New work by Teresa Lundgren, Jongil Ma, and Riccardo Vecchio
Curated by Lisa A. Banner

2-30 August 2016

Flatiron Project Space
School of Visual Arts
133 W 21st Street
(between 6th and 7th Avenues)

Opening reception: 8 August, 6:00 PM

INERTIA examines artistic interpretations of a property of matter defined by Sir Isaac Newton. Inertia is that property of matter by which it continues in an existing state of rest or uniform motion in a straight line unless that state is changed by external force. The exhibition examines facets of INERTIA through video, sculpture, and painting created by Teresa Lundgren (Pratt Institute, MFA 2016, MS History of Art and Design, anticipated 2016), Jongil Ma (SVA BFA 2002) and Riccardo Vecchio (SVA MFA 1996, SVA Faculty in Illustration BFA program).  

Jongil Ma (SVA BFA 2002) demonstrates the containment of movement in sculptural constructions, and his paintings in wood, often made from the fragmented pieces of large-scale sculptural structures. His creations reflect interactions and tensions between the disparate pieces, and he uses simple gestures to interpret the effects of outside pressures upon what is contained within. The small red painting in wood, for example, illustrated here, demonstrates his extraordinary sculptural rendition of movement versus stasis.

In his paintings, Riccardo Vecchio (SVA MFA 1996, SVA Faculty in Illustration BFA program) presents aerial visions of cities, ports, and highways in frenetic and constant movement.  Enhanced by compressed views of streets, highways, railroad tracks and buildings, seen from the dizzying perspective of an airplane and simultaneously from the side, as if laid out in an architectural model or on a giant play table, his paintings invite the viewer to traverse urban landscapes composed without people, seemingly composed only of lines, shapes, and blocks of color.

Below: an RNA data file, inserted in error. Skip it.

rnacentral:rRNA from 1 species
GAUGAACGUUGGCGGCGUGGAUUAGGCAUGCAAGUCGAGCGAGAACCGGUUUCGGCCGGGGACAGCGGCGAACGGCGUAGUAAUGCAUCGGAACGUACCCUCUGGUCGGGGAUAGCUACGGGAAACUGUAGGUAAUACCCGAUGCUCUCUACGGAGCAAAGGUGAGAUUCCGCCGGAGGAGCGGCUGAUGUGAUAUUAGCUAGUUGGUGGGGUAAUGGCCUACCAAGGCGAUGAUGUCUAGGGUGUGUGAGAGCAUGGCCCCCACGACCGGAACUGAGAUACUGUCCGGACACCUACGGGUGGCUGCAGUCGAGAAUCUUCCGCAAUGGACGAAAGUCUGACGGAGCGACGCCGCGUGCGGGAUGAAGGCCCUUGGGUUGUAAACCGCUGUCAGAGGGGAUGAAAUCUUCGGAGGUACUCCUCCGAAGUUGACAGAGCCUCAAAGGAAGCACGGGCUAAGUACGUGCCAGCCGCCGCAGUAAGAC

Through video projects Teresa Lundgren directly questions principles of physics, examining stasis and movement, and the application of force versus free will in nature and in life. A former high school teacher, Lundgren’s artistic practice focuses on philosophical and epistemological questions designed to foster critical thinking in the viewer, similar to the aims of the SVA Visual and Critical Studies program.  Her work frequently consists of immersive audio and visual experiences designed to stimulate questioning responses.  Her experiences teaching high school in Dubai inform her constant examination of language, education, and philosophical issues.

The Flatiron Project Space, created and founded by the Visual & Critical Studies department, is located on the ground floor of 133/141 West 21st Street. The gallery invites VCS students, along with other departments at SVA, to realize curatorial projects that highlight our rapidly expanding visual culture. Shows are held monthly and include video, performance, painting and sculptural projects.

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